For advisers, George Osborne will forever be associated with introducing pension freedoms

Dan Jones

The final week of winter was a pretty good one for former chancellor George Osborne. The post-Budget about turn on national insurance by his successor left his own U-turns look pretty minor by comparison. Then on March 17 – to widespread amazement – he landed a(nother) job, this time as editor of London newspaper. A nice change of pace for a man used to making the headlines rather than writing them.

However, a small set of figures released last week, buried away in the ongoing drama of the Budget, Brexit, Scottish independence and media magnates, paints a less positive picture for the MP for Tatton.

For the population as a whole, Mr Osborne will forever be associated with austerity, the consequences of which will be with us for a long time to come. For advisers, his role in introducing pension freedoms also comes to mind. 

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The reforms may have been far less controversial than his policy of fiscal retrenchment, but they carried with them risks of their own. And data released in mid-March might represent the first indication that these risks are real and rising.

Figures released by the Office for Budget Responsibility (OBR) show that the tax-take from those withdrawing their funds from the age of 55 onwards totalled £1.5bn in 2015/16 – five times more than first estimated. A running estimate for 2016/17 predicts a slight drop to £1.1bn, but even this figure is still twice as high as the original forecast.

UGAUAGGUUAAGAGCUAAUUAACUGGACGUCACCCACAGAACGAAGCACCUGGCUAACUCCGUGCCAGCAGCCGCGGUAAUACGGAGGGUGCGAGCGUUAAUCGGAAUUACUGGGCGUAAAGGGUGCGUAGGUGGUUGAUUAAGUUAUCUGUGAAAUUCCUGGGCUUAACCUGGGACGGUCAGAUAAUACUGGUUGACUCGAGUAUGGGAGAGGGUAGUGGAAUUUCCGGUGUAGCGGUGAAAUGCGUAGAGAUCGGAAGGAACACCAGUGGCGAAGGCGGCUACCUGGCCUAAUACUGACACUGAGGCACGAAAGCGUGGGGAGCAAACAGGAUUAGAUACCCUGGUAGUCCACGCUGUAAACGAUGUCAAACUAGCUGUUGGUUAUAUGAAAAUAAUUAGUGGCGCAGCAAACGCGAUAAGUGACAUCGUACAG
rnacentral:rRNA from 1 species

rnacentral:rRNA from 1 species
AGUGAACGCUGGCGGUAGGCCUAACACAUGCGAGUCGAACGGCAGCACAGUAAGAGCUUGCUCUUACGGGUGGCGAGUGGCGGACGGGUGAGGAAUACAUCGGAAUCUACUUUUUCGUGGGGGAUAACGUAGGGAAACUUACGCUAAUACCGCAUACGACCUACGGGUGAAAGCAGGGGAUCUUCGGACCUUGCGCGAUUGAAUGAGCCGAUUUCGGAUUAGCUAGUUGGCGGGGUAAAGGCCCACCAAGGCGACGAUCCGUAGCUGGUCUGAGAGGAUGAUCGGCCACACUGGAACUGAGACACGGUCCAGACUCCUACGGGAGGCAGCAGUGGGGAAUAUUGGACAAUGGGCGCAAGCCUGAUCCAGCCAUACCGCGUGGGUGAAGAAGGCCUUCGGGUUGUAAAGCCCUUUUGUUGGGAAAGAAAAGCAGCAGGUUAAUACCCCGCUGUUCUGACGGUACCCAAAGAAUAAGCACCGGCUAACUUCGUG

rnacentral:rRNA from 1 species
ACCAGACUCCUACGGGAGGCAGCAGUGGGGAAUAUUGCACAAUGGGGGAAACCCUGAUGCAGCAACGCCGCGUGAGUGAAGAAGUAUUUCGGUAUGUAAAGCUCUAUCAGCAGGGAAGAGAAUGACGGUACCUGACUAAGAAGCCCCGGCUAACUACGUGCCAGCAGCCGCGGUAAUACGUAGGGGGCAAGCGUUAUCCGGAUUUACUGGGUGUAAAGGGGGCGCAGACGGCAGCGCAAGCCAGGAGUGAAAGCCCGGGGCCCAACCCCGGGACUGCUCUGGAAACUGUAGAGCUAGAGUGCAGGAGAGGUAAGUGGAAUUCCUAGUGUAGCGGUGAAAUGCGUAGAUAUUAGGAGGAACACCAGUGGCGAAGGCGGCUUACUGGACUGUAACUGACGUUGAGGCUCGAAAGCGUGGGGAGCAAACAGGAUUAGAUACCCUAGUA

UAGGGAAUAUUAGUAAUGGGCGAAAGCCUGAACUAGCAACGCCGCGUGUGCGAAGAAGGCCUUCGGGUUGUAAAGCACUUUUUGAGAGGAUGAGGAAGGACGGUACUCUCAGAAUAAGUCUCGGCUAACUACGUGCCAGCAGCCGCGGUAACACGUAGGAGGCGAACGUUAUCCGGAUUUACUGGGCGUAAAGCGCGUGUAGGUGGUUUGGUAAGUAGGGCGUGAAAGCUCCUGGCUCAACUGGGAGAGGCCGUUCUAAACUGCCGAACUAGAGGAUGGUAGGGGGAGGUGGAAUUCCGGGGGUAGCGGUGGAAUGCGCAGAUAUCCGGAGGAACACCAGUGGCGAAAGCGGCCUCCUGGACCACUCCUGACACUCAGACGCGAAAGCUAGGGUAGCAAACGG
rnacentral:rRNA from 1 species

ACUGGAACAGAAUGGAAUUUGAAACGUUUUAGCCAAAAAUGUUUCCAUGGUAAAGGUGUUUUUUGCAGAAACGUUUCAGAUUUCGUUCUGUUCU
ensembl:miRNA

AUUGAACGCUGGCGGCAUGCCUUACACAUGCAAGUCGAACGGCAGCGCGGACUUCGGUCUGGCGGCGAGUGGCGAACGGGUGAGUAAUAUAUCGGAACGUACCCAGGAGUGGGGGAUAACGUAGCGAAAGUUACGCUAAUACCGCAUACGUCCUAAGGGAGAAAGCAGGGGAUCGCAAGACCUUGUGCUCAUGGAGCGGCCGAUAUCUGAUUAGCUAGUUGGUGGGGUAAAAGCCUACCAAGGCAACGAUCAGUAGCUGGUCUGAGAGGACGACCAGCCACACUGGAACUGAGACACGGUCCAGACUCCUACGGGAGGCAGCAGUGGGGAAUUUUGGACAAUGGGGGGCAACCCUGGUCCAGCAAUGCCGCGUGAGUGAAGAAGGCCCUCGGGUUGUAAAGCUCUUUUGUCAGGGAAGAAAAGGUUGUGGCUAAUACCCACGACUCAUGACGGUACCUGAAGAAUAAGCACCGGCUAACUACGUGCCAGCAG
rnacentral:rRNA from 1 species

The initial predictions also factored in individuals spreading their withdrawals over four years. But the amounts being taken out have been large enough for the OBR to reduce this estimate to three years.

In total, it now expects £1.6bn in revenue arising from the freedoms in 2017/18, followed by an additional £900m for the subsequent financial years of this Parliament.

The placing of this information, well past page 220 of a 230-something page document, is probably just coincidence. The OBR has more pressing matters to attend to, after all, and the figures are peanuts in the grand scheme of government. From a policymaker perspective, the tax-take will be enough to judge the reforms a success. For everyone else, the figures will require some closer scrutiny.

The problem, some say, is that we don’t have the right data to analyse this announcement correctly. We don’t know the profile of those drawing down their pots, or even how much was in those pots to start with, so how can we tell whether the trend is benign or alarming? 

There is truth to this. But by the same token, the figures will only harden the opinions of those who say retirees’ apocryphal blow-out purchases may not be so far from reality after all. What we do have is FCA data showing that more than half of all withdrawals are of the “in full, in cash” variety. By contrast, the proportion opting to take a partial amount as a lump sum, and then leaving the rest, is sitting at around 10 per cent.

These figures aside, information has been relatively scarce, particularly on just who is making use of their pots. We must hope this is a case of it being early days in the life of the freedoms rather than because no one has sought to gather anything.